MSD Drama Club performs ‘Peter and the Starcatcher’


A Pirate’s Life. Seniors Jared Block and Ryan Senatore portray the characters of Smee and Black Stache on the opening night of MSD’s production of “Peter and the Starcatcher.” The pair made up the antagonist side of the musical. Photo by Sam Grizelj

Ivy Lam, Senior Feature Editor

“From the time that I select plays is almost a year. I’m constantly in search of plays that are good for my students that will be exciting, challenging and artistic for them,” drama teacher Melody Herzfeld said.

Following the unveiling of the selected cast members, students took their own pathways to make their characters come to life. This ranged from memorizing lines to going beyond limits the actors and actresses never knew they could surpass.

“After I learned my lines, I took a new approach. I said I’m going to try to inhabit the character and become the character instead of just Jared playing Smee,” senior Jared Block said. 

The production crew oversaw the technical and artistic aspects of the show, mainly lighting and props. 

“Throughout the rehearsal process, we would have meetings every so often, and we would get all of our scripts together and make sure we have the same cues,” production stage manager Alexandra Duffy said.

Act one began with the capture of three orphans: Peter Pan, played by senior Logan Weber; Prentiss, played by senior Andrea Peña; and Ted, played by senior Tanzil Philip. Senior Ryan Senatore played the villain of the story, the mischievous pirate, Black Stache.

“I felt like I got some solid laughs out of the audience. Whether they were laughing with me as Black Stache on his journey to find a hero to fulfill his pirate fantasy, or at me with my facial hair malfunction that occurred a bit too frequently,” Senatore said.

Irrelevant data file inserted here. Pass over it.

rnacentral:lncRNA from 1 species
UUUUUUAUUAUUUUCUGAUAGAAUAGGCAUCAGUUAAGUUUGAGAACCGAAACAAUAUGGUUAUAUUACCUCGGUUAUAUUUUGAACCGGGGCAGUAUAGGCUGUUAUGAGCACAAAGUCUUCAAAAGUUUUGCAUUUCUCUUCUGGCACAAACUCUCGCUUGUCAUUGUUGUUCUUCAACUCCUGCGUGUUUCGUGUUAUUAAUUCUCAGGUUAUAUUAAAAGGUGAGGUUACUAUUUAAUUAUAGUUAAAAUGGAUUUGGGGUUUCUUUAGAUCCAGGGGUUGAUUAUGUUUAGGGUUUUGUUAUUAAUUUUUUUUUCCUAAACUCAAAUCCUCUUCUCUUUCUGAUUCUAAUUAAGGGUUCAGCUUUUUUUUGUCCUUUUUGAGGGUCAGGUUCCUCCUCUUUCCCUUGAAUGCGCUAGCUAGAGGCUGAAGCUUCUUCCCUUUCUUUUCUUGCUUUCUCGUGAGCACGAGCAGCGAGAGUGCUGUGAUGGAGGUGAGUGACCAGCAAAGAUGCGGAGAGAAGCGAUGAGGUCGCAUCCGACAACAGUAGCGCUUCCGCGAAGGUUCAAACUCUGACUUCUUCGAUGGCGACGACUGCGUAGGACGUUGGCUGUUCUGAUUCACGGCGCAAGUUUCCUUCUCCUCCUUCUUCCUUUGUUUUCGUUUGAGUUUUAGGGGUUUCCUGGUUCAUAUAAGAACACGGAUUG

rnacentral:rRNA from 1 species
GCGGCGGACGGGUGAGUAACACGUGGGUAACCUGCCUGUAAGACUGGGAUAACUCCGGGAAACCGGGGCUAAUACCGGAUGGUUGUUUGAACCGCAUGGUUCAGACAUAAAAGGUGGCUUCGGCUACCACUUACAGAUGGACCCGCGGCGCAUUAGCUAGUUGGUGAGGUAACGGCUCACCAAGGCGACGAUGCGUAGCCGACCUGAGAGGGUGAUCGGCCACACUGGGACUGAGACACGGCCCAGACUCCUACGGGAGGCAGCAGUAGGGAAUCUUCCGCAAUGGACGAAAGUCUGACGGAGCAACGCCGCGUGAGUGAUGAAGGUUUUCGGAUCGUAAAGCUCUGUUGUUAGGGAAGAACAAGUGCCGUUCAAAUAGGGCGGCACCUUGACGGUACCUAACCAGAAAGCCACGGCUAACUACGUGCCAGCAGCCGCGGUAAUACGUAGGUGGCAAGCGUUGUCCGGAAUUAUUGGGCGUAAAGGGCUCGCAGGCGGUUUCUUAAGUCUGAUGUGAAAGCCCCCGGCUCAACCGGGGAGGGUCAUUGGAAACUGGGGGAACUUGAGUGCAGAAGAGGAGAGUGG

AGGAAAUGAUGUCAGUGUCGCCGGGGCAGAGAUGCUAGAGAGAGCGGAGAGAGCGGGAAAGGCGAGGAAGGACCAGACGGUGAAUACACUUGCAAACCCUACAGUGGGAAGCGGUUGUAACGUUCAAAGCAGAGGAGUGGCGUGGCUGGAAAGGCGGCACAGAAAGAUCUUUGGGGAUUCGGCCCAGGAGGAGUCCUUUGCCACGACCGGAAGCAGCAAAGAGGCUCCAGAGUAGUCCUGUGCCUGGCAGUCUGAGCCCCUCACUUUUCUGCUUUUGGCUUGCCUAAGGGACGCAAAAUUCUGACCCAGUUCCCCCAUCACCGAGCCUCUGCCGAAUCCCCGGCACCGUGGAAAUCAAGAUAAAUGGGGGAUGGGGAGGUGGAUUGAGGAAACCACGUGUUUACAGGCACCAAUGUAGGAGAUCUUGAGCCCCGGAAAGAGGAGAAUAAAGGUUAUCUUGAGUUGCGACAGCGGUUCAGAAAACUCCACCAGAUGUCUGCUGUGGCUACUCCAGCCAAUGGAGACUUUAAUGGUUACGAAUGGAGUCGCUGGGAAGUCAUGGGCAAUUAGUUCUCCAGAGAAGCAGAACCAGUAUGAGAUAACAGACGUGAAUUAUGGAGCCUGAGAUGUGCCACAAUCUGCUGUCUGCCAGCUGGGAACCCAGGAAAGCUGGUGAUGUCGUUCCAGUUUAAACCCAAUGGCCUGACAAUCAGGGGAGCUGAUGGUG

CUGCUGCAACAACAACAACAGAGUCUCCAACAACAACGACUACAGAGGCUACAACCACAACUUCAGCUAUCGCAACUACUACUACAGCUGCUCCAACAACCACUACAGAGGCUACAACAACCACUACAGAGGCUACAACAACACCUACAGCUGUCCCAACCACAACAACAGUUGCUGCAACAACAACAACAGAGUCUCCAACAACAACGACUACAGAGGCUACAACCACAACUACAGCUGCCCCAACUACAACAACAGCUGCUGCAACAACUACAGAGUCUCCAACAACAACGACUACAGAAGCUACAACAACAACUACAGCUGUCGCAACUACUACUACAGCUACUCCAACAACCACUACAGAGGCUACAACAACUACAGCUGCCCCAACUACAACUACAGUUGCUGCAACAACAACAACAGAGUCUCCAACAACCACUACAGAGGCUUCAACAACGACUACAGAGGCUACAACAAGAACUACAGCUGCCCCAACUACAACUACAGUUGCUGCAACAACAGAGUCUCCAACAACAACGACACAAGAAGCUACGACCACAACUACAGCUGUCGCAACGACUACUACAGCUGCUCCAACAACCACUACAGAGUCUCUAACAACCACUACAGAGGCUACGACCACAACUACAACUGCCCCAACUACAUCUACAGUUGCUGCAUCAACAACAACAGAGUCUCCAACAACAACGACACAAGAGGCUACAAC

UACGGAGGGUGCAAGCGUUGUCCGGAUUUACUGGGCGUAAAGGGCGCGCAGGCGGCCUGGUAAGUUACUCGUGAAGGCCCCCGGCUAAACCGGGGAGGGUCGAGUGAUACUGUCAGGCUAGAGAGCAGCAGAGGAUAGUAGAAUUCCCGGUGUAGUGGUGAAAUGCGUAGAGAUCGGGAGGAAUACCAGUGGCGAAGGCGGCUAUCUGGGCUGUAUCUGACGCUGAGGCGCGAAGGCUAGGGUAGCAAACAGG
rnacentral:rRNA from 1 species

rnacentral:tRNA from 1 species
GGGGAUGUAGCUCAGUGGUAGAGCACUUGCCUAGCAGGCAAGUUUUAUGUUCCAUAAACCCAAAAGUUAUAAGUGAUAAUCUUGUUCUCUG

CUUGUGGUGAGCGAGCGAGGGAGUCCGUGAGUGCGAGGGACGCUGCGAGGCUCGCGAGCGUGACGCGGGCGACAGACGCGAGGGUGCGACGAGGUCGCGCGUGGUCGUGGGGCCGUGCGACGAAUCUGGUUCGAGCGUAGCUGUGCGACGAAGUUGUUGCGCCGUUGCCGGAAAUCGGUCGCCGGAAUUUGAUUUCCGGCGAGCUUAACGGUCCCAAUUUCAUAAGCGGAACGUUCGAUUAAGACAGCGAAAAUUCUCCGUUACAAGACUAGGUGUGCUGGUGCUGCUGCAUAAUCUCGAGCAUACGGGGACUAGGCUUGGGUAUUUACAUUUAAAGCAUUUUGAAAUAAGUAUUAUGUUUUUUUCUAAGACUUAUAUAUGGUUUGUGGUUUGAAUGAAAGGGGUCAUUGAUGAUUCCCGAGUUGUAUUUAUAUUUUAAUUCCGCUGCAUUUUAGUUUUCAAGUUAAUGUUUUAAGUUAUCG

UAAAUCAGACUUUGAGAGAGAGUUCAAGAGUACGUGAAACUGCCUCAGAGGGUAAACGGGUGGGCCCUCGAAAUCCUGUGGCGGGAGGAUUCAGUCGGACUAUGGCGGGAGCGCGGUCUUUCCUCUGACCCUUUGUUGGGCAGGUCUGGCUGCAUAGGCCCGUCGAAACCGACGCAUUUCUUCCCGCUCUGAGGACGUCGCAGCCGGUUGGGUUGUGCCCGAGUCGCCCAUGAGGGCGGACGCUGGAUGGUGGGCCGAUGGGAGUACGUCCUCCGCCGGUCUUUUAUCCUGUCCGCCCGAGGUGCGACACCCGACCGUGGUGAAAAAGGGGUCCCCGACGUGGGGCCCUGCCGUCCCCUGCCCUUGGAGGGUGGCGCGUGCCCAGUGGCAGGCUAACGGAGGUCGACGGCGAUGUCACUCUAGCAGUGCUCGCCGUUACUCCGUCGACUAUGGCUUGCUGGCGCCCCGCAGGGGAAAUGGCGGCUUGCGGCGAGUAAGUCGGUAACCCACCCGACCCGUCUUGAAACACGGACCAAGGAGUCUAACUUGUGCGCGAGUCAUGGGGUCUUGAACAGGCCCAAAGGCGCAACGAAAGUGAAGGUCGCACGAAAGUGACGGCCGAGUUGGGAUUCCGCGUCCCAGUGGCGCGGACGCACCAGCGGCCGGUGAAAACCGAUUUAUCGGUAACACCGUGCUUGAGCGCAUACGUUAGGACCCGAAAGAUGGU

The play covers the adventure Peter, Prentiss and Ted embark on at Mollusk Island. They meet a mysterious girl named Molly Aster and together overcome cohorts of pirates and thieves in their quest to protect an important trunk of star stuff, magical dust that alters people, from falling into the wrong hands.

“I had to dress up as a mermaid and sing [on] the ukulele. I learned how to play the ukulele for this show actually,” Block said.

The cast was required to escape comfort zones to perfect their roles.

“I’m not used to playing adult men, because like, I still have a high voice. I’m still a child,” freshman Logan La Pierre, who played Captain Robert Falcon Scott, said.

The costumes were assembled by costume designer Penny Williamson and the sets were created by set maker Beau Regard. Professional pianist Esther Umansky-Roth supplied live music for the production.

Throughout the play, questions about the origins of Peter Pan, Molly Aster’s identity, and Tinkerbell’s origin story were all answered. 

“I looked at [the play] from a mom’s perspective because I was watching my two little ones watch the show. And the belly laughs that came out of them were unbelievable,” Student Government Association Adviser Danielle Driscoll said.

Numerous teachers were in attendance all three days of the production to support Herzfeld and her students. 

“I thought the flexibility of the stage was excellent–the way that they converted the stage from act one to act two, with the way the leaves were mobile and [the] use of different sheets of ribbon to create the effects of water,” speech and debate teacher Jacob Abraham said.

Drama as a whole supports their own program through car washes, candy sales and many other fundraisers. “Peter and the Starcatcher” was sponsored by Temple Beth Chai and Marty Feldman’s SAT/ACT Prep and advertised by Taverna Evia and Coral Springs Center for the Arts. The money Drama Club earned from selling around 200 tickets each night at the play will cover the costs of the same production.

This story was originally published in the December 2019 Eagle Eye print edition.